Article ID: 2019-030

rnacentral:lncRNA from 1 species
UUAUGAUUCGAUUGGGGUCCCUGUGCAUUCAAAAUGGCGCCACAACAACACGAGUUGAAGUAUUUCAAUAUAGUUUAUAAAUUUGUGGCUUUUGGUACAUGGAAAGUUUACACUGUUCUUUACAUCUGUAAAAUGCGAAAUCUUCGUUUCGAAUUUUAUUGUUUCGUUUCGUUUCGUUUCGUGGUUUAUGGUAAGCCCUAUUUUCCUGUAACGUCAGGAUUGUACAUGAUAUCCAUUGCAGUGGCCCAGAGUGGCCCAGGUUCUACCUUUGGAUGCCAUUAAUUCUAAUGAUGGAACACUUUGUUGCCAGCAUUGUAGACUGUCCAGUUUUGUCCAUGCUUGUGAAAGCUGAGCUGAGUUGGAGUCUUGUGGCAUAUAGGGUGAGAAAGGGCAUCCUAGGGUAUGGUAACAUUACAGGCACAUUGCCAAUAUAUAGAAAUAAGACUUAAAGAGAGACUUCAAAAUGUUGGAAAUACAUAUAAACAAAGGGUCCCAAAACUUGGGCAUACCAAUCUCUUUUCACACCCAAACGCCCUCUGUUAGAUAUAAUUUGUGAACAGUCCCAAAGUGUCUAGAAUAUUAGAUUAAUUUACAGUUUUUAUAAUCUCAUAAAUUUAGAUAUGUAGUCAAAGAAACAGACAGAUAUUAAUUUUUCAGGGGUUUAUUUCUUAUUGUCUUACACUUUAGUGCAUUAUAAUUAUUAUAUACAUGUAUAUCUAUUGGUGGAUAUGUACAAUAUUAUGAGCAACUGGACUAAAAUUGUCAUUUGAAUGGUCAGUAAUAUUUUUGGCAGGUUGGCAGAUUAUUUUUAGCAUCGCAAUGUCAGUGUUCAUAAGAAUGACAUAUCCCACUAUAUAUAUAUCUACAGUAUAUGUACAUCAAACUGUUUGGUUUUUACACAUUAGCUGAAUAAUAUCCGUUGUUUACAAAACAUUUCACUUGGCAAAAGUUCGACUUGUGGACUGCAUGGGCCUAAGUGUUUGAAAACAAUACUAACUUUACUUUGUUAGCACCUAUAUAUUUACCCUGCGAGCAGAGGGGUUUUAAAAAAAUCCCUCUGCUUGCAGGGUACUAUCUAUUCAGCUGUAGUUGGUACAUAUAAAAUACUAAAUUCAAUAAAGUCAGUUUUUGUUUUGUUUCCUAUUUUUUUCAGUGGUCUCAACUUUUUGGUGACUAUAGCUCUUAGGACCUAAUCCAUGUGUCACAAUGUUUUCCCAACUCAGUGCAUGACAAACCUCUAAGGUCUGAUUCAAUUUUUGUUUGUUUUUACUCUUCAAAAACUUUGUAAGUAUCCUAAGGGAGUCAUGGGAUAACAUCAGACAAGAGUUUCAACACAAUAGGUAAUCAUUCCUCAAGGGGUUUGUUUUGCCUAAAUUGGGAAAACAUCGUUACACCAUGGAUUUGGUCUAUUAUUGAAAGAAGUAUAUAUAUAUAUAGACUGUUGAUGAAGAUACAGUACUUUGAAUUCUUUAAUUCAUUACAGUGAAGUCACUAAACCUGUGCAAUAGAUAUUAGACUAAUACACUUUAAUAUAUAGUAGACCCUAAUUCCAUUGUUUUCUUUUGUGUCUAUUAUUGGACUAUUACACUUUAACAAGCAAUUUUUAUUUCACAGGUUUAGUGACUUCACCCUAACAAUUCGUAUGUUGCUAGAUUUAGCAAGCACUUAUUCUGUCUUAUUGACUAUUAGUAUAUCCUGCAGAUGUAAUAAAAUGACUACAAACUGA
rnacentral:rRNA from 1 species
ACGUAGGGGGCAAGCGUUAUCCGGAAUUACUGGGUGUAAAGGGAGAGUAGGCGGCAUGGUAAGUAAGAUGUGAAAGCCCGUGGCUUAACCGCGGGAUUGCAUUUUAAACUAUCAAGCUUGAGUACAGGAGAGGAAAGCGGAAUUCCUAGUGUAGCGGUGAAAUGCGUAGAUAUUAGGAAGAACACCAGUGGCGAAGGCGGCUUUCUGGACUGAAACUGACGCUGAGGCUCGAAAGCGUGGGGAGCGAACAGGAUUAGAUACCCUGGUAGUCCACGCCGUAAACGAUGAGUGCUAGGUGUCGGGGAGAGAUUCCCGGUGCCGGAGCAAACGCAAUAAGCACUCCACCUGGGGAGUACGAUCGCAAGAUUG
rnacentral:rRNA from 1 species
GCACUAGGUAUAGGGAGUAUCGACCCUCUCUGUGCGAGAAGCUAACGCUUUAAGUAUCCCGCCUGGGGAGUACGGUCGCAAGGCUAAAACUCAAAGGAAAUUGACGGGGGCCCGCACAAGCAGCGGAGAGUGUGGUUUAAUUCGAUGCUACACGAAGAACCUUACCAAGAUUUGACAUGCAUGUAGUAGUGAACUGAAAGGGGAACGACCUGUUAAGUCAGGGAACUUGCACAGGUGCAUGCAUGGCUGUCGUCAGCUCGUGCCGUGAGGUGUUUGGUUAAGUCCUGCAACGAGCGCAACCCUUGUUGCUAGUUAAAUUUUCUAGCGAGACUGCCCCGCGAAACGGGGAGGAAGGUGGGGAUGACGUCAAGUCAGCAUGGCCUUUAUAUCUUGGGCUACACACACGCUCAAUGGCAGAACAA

Hurricane Joaquin, a notable hurricane over the Atlantic Ocean in 2015, is studied with emphasis on its unique hairpin turn that occurred between 2100 UTC 1 October and 0600 UTC 2 October 2015. A series of mesoscale high-resolution numerical simulations is performed with an advanced research version of the Weather Research and Forecasting (WRF) model. The sensitivity of numerical simulations to different cumulus, boundary layer, and microphysical parameterization schemes is examined to investigate the most relevant processes influencing the track evolution of Hurricane Joaquin. It is found that the numerical simulation of Hurricane Joaquin’s track is highly sensitive to the choice of cumulus scheme. Large-scale environmental conditions and hurricane inner-core structures are diagnosed. Results indicate that middle- to upper-level steering flows are crucial in influencing Joaquin’s track. Further investigation of the large-scale environment (e.g., middle- and upper-level trough, blocking high, thermal distribution, etc.) shows that middle-level blocking high plays an important role in Joaquin’s movement. The structure of the hurricane core region, including the vertical extent of diabatic heating, vertical velocity, and relative humidity, could also play an important role. Specifically, the asymmetry and local absolute vorticity tendency over the inner-core region and its vicinity has a strong implication for Joaquin’s hairpin turn.